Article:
John T. Williams was a seventh generation wood carver of the Ditidaht Tribe on Vancouver Island. He lived in Seattle, in housing created by the Downtown Emergency Center that understands that just because people have a problem they still need a place to live. John had a problem with alcohol abuse, he had been making his own way on the street since he was seven years old. He made his way by carving small totems that he sold to tourists. His father taught him, and in the old days, they used to make a pretty good living at it. Cyney Gillis writing for Real Change News has given the only coverage of the full story of John T. Williams life.
He was shot and killed by a white policeman as he crossed the street at an intersection on his way from where he lived to where he hoped to sell his art at Pike Place Market.
He was shot four times because he didn't stop when told to by a police officer who seems to have been terrified of his small pocketknife. John T. Williams is hard of hearing. He was simply crossing the street. Now he has died.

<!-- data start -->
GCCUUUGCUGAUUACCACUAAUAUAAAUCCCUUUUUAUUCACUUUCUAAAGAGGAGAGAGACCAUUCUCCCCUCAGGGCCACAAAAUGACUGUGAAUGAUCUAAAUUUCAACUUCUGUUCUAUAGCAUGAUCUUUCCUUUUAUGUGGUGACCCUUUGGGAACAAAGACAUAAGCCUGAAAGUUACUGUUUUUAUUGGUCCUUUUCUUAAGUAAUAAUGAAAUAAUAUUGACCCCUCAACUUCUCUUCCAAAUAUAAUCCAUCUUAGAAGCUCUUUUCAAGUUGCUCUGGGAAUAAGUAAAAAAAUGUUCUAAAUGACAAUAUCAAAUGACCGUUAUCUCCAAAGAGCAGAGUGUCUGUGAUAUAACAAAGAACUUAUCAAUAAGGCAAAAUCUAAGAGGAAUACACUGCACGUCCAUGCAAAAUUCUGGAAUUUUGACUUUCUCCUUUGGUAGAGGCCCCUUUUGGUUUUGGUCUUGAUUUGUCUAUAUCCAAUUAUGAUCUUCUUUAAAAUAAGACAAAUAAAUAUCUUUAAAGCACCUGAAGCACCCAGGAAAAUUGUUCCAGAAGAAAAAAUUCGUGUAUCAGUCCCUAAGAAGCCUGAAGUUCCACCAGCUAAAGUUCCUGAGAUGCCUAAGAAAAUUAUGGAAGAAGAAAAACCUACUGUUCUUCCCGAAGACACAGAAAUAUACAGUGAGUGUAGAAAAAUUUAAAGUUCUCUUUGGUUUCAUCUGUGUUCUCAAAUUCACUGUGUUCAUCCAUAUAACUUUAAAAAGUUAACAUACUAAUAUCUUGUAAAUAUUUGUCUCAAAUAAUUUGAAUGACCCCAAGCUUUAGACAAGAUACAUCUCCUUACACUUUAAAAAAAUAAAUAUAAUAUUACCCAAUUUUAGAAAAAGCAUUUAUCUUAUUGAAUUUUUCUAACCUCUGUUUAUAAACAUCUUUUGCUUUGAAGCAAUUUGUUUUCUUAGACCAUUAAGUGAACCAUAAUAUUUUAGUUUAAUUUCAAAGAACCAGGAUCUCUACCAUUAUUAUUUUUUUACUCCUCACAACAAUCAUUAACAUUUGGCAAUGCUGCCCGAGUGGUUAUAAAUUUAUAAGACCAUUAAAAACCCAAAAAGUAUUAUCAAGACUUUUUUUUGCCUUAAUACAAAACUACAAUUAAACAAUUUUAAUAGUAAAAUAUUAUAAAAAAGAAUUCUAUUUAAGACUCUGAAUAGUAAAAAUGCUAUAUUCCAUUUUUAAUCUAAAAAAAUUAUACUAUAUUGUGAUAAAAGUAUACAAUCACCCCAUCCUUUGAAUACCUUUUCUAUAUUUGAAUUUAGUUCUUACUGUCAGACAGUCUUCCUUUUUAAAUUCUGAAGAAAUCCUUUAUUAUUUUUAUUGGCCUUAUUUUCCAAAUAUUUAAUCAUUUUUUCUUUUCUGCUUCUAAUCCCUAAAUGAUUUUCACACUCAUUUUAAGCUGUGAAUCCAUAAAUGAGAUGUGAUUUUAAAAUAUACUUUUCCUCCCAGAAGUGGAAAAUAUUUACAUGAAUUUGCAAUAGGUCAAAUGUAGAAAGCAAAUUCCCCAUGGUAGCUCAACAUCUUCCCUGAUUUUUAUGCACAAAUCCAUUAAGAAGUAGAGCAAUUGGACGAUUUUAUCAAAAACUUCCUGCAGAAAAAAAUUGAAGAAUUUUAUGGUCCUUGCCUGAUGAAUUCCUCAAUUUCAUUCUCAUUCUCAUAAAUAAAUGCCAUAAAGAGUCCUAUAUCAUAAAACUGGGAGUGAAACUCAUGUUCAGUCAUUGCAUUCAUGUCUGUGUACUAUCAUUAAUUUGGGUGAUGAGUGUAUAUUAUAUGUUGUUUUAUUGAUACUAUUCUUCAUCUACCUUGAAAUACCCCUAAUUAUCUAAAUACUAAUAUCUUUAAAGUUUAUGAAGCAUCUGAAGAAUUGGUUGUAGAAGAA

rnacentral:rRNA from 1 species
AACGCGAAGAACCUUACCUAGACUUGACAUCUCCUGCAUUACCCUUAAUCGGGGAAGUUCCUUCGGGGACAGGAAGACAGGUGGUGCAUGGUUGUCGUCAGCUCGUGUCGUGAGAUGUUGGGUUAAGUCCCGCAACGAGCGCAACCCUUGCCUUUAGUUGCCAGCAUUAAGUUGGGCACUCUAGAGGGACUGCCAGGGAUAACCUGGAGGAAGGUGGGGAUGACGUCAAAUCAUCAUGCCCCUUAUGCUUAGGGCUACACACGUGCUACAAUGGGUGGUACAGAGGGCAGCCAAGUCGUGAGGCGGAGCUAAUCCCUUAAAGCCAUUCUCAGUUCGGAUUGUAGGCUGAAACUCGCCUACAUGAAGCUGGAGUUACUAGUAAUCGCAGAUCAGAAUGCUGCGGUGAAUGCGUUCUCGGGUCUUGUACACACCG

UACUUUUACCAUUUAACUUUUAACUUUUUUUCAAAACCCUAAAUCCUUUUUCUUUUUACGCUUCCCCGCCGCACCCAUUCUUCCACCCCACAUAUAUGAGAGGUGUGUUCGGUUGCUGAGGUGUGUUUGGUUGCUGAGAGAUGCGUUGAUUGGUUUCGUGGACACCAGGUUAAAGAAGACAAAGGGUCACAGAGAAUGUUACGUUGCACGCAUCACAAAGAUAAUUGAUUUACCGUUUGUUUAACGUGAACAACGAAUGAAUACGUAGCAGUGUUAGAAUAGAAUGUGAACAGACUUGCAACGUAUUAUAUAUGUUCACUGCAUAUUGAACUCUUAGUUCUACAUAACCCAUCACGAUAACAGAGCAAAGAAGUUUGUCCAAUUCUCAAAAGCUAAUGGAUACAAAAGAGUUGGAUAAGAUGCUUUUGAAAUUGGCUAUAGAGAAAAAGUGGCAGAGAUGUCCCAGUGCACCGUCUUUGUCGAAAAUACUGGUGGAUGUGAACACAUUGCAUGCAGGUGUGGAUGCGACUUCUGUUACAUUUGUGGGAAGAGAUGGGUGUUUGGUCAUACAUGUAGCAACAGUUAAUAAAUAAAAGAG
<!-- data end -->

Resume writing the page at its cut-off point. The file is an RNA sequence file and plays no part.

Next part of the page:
What an abrupt contrast to my previous entry of healing, and community.
Unfortunately, the fate of John T. Williams is what is going on today.
This small blog honors his art, his life, and his spirit, in keeping himself going all these years, without any of the supports of a middle class life that we all take for granted.
Thank goodness the Indigenous community has risen up in fury, they are holding daily vigils, marches on City Hall, confrontations with the Mayor. Here are a few pictures.